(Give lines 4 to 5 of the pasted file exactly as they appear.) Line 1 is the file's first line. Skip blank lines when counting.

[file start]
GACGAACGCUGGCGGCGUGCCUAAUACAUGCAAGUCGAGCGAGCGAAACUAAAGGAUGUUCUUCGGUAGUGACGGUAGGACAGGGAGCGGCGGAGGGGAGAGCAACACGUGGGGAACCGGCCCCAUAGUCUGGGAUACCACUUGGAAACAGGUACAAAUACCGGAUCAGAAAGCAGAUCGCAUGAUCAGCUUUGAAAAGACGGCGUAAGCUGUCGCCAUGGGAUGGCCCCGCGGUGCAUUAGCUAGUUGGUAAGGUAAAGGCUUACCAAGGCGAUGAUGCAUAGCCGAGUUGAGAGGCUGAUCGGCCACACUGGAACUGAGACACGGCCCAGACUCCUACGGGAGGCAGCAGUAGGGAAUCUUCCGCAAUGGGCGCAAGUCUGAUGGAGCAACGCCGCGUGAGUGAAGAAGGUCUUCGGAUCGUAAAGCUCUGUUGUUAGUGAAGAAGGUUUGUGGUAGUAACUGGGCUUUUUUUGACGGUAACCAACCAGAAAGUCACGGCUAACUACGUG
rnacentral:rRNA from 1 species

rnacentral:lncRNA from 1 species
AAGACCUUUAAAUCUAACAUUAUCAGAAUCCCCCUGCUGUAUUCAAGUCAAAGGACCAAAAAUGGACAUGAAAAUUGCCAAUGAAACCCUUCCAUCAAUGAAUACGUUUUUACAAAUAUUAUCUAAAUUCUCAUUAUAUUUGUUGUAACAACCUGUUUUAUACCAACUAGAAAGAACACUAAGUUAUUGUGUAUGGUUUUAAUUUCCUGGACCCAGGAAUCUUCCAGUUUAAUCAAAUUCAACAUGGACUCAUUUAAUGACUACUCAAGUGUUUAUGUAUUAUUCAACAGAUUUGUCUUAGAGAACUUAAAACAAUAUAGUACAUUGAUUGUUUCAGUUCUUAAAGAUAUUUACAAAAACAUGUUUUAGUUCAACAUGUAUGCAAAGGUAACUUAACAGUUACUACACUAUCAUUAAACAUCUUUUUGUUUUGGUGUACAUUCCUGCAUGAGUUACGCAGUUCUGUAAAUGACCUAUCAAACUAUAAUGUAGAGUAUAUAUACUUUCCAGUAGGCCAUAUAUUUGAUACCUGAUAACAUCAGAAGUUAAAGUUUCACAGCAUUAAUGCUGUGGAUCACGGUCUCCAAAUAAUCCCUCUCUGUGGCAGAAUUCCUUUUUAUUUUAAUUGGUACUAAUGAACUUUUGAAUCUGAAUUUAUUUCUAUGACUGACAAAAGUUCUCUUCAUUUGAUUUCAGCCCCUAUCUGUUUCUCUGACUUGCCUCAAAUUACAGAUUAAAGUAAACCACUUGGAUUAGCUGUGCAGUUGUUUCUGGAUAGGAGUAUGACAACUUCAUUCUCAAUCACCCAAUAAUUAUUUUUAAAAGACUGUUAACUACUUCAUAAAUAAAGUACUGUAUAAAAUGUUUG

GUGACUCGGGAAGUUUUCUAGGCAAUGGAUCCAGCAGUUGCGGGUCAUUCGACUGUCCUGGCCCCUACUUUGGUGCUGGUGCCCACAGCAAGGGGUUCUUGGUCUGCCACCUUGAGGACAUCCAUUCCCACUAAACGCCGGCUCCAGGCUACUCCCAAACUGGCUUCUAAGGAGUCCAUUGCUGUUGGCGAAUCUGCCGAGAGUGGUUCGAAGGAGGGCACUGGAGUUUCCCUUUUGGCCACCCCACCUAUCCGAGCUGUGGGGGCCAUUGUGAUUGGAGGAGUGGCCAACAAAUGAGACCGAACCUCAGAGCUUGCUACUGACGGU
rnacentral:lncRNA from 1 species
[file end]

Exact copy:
AAGACCUUUAAAUCUAACAUUAUCAGAAUCCCCCUGCUGUAUUCAAGUCAAAGGACCAAAAAUGGACAUGAAAAUUGCCAAUGAAACCCUUCCAUCAAUGAAUACGUUUUUACAAAUAUUAUCUAAAUUCUCAUUAUAUUUGUUGUAACAACCUGUUUUAUACCAACUAGAAAGAACACUAAGUUAUUGUGUAUGGUUUUAAUUUCCUGGACCCAGGAAUCUUCCAGUUUAAUCAAAUUCAACAUGGACUCAUUUAAUGACUACUCAAGUGUUUAUGUAUUAUUCAACAGAUUUGUCUUAGAGAACUUAAAACAAUAUAGUACAUUGAUUGUUUCAGUUCUUAAAGAUAUUUACAAAAACAUGUUUUAGUUCAACAUGUAUGCAAAGGUAACUUAACAGUUACUACACUAUCAUUAAACAUCUUUUUGUUUUGGUGUACAUUCCUGCAUGAGUUACGCAGUUCUGUAAAUGACCUAUCAAACUAUAAUGUAGAGUAUAUAUACUUUCCAGUAGGCCAUAUAUUUGAUACCUGAUAACAUCAGAAGUUAAAGUUUCACAGCAUUAAUGCUGUGGAUCACGGUCUCCAAAUAAUCCCUCUCUGUGGCAGAAUUCCUUUUUAUUUUAAUUGGUACUAAUGAACUUUUGAAUCUGAAUUUAUUUCUAUGACUGACAAAAGUUCUCUUCAUUUGAUUUCAGCCCCUAUCUGUUUCUCUGACUUGCCUCAAAUUACAGAUUAAAGUAAACCACUUGGAUUAGCUGUGCAGUUGUUUCUGGAUAGGAGUAUGACAACUUCAUUCUCAAUCACCCAAUAAUUAUUUUUAAAAGACUGUUAACUACUUCAUAAAUAAAGUACUGUAUAAAAUGUUUG

GUGACUCGGGAAGUUUUCUAGGCAAUGGAUCCAGCAGUUGCGGGUCAUUCGACUGUCCUGGCCCCUACUUUGGUGCUGGUGCCCACAGCAAGGGGUUCUUGGUCUGCCACCUUGAGGACAUCCAUUCCCACUAAACGCCGGCUCCAGGCUACUCCCAAACUGGCUUCUAAGGAGUCCAUUGCUGUUGGCGAAUCUGCCGAGAGUGGUUCGAAGGAGGGCACUGGAGUUUCCCUUUUGGCCACCCCACCUAUCCGAGCUGUGGGGGCCAUUGUGAUUGGAGGAGUGGCCAACAAAUGAGACCGAACCUCAGAGCUUGCUACUGACGGU